Some more thoughts I have been having about what Radio can learn from podcasts.
One thing I find useful about podcasts are their show notes. These are often links directly to the stories and/or website mentioned, equipment talked about and sponsors of that podcast plus a rundown of topics is sometimes included. The big benefit of this is whilst the show is on I am often walking to/from work and don’t have a means of writing things down but I don’t have to – often the links are “in the show notes”.
Now I am thinking primarily of BBC Local Radio here but commercial radio could use it with their sponsors to help engagement. Wouldn’t it be much better for them on air instead of reading out website addresses they just say “for the website links head to the programme page on our website”. This doesn’t need to be confined to website links as it can contain contact details and more specific details of requests/appeals plus a photo or two. BBC Local is tending to rely on Facebook to give this info and added edge simply because it is simpler to achieve. I shall simpler to achieve as I believe the ‘ibroadcast’ system is capable to adding notes to show (let me know in the comments if this is true)
These show notes could also have timecode in them allowing the listener to be able to jump to that particular point when the interview begun. I often see tweets from presenters saying “Great having x on the show today – listen again on the iPlayer (scroll to 47:30 in)” or those tweets come from guests on the show. This would enable more SEO for the BBC Website plus those appearing and enable better sharing of content via social media. It would also help if in the future you wanted to ‘atomise’ the content and use it in a similar way to the way NPR do for their NPR One App.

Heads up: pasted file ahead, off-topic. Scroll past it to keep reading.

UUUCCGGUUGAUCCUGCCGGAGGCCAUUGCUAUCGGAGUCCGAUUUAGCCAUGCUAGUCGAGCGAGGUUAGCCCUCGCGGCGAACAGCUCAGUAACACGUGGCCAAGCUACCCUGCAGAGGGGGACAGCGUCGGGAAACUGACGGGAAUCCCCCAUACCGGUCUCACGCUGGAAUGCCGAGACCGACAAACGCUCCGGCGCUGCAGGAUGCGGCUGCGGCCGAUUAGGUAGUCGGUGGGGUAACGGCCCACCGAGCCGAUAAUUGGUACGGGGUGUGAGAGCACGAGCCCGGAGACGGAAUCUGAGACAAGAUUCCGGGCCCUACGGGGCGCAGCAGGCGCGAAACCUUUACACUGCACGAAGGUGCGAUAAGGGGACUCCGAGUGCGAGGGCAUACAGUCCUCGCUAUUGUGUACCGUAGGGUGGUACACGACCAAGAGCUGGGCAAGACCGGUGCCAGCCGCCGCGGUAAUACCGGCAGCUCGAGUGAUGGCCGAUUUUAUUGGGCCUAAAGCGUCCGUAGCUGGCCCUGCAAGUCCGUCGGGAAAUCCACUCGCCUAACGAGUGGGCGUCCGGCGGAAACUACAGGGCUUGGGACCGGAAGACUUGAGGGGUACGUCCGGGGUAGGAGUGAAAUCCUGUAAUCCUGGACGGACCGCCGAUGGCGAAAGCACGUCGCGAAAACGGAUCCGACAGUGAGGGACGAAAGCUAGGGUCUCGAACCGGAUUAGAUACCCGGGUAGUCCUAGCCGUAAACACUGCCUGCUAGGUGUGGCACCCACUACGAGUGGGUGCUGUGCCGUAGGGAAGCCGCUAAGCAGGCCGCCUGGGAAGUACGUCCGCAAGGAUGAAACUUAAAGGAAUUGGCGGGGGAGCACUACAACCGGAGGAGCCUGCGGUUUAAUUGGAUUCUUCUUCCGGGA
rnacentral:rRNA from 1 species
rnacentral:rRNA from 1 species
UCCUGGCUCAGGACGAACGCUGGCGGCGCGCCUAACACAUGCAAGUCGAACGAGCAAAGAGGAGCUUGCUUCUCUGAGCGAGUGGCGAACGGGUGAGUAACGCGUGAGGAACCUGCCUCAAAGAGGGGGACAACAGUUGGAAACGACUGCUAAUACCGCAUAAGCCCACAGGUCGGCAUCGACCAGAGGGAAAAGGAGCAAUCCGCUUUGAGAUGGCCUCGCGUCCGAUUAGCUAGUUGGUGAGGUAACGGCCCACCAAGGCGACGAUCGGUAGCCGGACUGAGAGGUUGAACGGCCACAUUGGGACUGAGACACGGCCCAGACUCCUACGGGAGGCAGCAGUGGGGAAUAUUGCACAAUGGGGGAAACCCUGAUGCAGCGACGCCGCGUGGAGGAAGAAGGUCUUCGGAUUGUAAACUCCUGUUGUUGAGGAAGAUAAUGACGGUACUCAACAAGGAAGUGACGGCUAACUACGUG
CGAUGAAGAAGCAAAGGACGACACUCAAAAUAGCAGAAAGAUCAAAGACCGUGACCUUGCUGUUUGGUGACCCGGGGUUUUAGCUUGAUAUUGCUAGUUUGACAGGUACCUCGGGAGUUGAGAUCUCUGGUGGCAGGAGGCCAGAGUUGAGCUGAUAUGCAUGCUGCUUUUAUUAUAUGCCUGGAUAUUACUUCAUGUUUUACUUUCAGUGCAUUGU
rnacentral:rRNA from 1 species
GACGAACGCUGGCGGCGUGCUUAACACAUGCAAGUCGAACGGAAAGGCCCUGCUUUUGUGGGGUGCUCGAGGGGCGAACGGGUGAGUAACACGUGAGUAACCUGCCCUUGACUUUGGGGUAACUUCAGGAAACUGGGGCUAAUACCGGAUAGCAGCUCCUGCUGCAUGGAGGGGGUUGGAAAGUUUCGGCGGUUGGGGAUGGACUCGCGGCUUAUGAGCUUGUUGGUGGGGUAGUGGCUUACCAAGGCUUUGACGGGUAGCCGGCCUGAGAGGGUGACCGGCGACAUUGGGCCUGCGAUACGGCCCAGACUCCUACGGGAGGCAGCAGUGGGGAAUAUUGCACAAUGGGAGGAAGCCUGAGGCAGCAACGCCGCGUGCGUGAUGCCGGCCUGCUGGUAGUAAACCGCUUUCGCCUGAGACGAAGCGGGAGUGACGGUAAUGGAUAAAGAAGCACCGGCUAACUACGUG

Podcasts can do it. Here for example I will link to the in point in my podcast, Desert Island Geek, where I spoke to Christian Payne AKA @documentally about how he ended up being a sheep farmer for 6 years. I can then link or embed the player to an earlier part of that same podcast where he spoke about his book choice to read during his time on the island.
Along similiar lines the URLs of the individual shows should be improved to be, for example, www.bbc.co.uk/essex/monk should get me to the Dave Monk show on BBC Essex and his latest programme should be front and centre with listen live if he happens to be on air at the time.
Please let me know your thoughts on my thoughts in the comments below.
Below is a little document I made up after upgrading the Myriad Playout system at Hospital Radio Chelmsford (www.hrc.org.uk). It uses SQL Authentication as the method of linking to the database rather than windows authentication but this should not be a problem for station running less that 10 playout instances.
Hope you find it useful for your install.